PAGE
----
Big Ten Network's "Scarlet & Gray Days: Inside Ohio State Training Camp" is no more, but what a run it was.
While the show failed to provide the hardcore, insider's look perhaps some would've liked to see, the show did unquestionably dish out plenty of net positives to Buckeye/college football faithful, the network, and even the Ohio State football program.
With mere hours to go before actual flesh and blood college is back in our lives several days a week each week until January, the timing is appropriate to have a quick post mortem of sorts. Let's take a look at the wins "Scarlet & Gray Days" delivered and better appreciate the hour and a half of college football methadone that kept us sated until kickoff this evening.
S&GD fed football hungry fans appetites -- at the most opportune time
College football's offseason is long and grueling. Even in the wake of being able to shell out hundreds of dollars on national championship memorabilia and rewatch the Wisconsin, Alabama, and Oregon games on DVR all spring/summer, Sept. 7 couldn't get here fast enough.
Enter a weekly, highly stylized 30-minute glimpse into the football team we've all been waiting to see take the field again.
With storylines a plenty, even without the kind of insider caliber information we've been spoiled with from HBO's "Hard Knocks", we were still able to have a narrative arc from the premiere involving some of the personalities behind the team to last night's finale, which showcased the Buckeyes getting one step closer to trying to avenge one of college football in 2014's most embarrassing losses.
While the real thing it wasn't, it was still appointment viewers for Buckeye faithful. And the numbers more than dictate it.
Per the network, the first two episodes of the short run miniseries set the ratings on fire:
Scarlet and Gray Days: Inside Ohio State Training Camp is the highest-rated August original programming in BTN history, according to Nielsen metered market data*. The Scarlet and Gray Days premiere on Aug. 19 set the BTN record, only to be eclipsed by the second episode which debuted Aug. 26 and saw a 19 percent increase in viewership.
More wildly yet, the network nearly doubled its initial run ratings with a second airing of the debut episode just days later.
There's no questioning the demand for college football in general is at or near an all-time high, and while those around the state of Ohio likely drove Nelson eyeballs, the morbid curiosity factor and thirst for football's return, even amongst divisional/conference rivals, probably didn't hurt.
We've long known BTN's "The Journey"'s to be great television, but a more targeted aim helped take things to the next level.
The show taught BTN how to showcase a single school like champs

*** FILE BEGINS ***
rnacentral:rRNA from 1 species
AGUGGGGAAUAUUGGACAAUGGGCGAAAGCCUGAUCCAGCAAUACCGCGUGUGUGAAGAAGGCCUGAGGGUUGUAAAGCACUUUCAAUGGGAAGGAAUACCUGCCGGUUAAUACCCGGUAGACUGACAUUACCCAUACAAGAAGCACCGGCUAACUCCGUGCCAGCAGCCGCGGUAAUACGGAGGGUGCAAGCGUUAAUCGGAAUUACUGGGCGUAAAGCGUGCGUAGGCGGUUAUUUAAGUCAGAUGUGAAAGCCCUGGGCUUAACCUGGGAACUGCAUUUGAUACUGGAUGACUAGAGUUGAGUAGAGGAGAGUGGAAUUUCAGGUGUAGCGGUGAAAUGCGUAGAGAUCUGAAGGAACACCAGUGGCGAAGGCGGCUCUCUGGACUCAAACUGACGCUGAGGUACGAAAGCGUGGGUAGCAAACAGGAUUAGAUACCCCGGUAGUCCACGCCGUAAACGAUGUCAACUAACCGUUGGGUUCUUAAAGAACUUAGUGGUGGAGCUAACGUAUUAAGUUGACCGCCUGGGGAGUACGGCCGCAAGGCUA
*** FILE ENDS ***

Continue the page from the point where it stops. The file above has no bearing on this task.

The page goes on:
The development of the series from a "get to know you" with current Buckeyes to a masterfully sculpted blend of cinematography/voice overs was a joy to digest.
Though probably the least happened plot wise in the show's third and final episode, there was unquestionably no better episode to look at.
The episode's cold open, discussing the importance of the Ohio State-Michigan rivalry to the Buckeyes, was arguably the single best sequence of camera shots/narration in the series' run. If you're a cable subscriber with BTN2Go access, you owe it to yourself to dial that up 12 weeks from now.
We've beat the drum from day one that this wasn't "Hard Knocks" -- nor should BTN necessarily try to reverse engineer its magic -- but by the end of three episodes, the production crew behind the Big Ten's answer had come into a storytelling voice all their own.
If there was any single downside to the growth experienced from Ep. 1 to Ep. 3, it's that there's not an Episode 4 and that the previous three weren't an hour in length. And it's certainly good to have those kind of problems.
If we're being honest, it also provided Ohio State an extremely not-so-subtle marketing/recruiting coup
ESPN's own stab at showcasing the Buckeyes' training camp three seasons ago probably provided a broader audience, but never has 30 minute intervals of TV been more setup to give the OSU recruiting think tank ammunition than "Scarlet & Gray Days" was.
By no means shot as state television/propaganda, David Trichel's Ohio State athletic department video crew's probably already making super cuts of the slow motion College Football Playoff Trophy in front of OSU's water fountain, splicing in highlights and J.K. Simmons voice overs, and getting it out to recruits' inboxes.
Even from a sheer standpoint of being able to tell prospective student athletes "did you watch our TV show last week?", the defending national champions got another added advantage they probably didn't need -- but that's likely why Urban Meyer was open to showcasing Braxton Miller running fly sweeps in the first place.
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Probably the other biggest downside from the hour and a half of TV we all consumed, is the odds of the Big Ten showing like favoritism Ohio State's way again decrease exponentially. Even a difficult/improbable second consecutive national title wouldn't clinch such an arrangement, especially with a made-for-TV khaki spokesperson operating 200 miles north of Columbus.
Whether we're fortunate enough to get a second season or not, we can all agree what we witnessed was greatness in the making -- from a television perspective, at bare minimum. Now we wait and see if the football team showcased lives up to that billing as well.